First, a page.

Market Square Historic District

Located in Newburyport, the Market Square Historic District is one of the last seaport business districts remaining from the golden days of New England shipping. Market Square served as a market since American Indians met early explorers from England, France and Holland on the banks of the Merrimack River to trade furs and fish. In 1796, workers completed the canal connecting Newburyport with inland areas, which made Market Square the trading center for a good portion of interior New England and for sections of the Canadian border. An extensive fire in 1811 destroyed virtually every building in the area. To prevent a similar catastrophe once the Market Square area was rebuilt, the city passed an act promoting the construction of brick or stone buildings, limiting the height of wooden buildings to 25 feet high, and requiring massive fire walls to be built between buildings. Most of the buildings standing in the Market Square Historic District today were built during a 21-year period following the fire and strictly followed the building code.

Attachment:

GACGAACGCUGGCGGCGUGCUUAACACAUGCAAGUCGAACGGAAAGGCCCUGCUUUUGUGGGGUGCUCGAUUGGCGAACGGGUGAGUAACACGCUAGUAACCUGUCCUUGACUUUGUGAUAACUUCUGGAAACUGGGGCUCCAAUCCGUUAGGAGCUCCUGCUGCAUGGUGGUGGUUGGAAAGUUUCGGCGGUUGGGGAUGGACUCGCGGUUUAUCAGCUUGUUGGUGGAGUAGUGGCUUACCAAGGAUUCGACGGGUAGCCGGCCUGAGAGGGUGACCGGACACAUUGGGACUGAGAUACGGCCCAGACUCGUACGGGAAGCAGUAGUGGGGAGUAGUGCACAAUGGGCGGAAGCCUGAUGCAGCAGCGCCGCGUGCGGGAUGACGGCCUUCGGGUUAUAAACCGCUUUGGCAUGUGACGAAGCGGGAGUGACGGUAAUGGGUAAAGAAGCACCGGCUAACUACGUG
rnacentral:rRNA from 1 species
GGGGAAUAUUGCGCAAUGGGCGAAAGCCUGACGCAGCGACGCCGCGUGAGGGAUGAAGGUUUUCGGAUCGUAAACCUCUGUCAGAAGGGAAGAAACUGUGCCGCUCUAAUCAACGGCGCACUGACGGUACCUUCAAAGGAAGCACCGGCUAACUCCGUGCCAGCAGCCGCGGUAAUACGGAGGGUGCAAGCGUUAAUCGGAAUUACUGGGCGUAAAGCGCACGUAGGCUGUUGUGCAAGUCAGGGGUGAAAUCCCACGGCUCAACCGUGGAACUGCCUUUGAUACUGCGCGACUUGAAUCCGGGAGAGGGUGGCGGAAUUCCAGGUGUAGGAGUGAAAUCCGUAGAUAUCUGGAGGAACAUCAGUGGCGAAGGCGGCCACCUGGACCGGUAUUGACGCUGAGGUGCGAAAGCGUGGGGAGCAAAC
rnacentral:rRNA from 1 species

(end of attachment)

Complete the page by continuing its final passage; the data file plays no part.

A majority of the Federal style buildings facing the Square are brick row houses, three stories high and three bays wide, with commercial space below. The ridge roofs topping the row houses are separated by fire walls. Two of the most historically significant buildings in the district are the Market House and the U.S. Customhouse. Construction on the Market House began in 1823. It is a Federal style, brick building with a nine-bay facade. The U.S. Customhouse at 25 Water Street forms the east boundary of the Market Square Historic District. American architect Robert Mills designed this Neo-Classical Revival building in 1835. It currently serves as the Custom House Maritime Museum.


Market Square Newburyport, MA 1950

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  • Historic Resources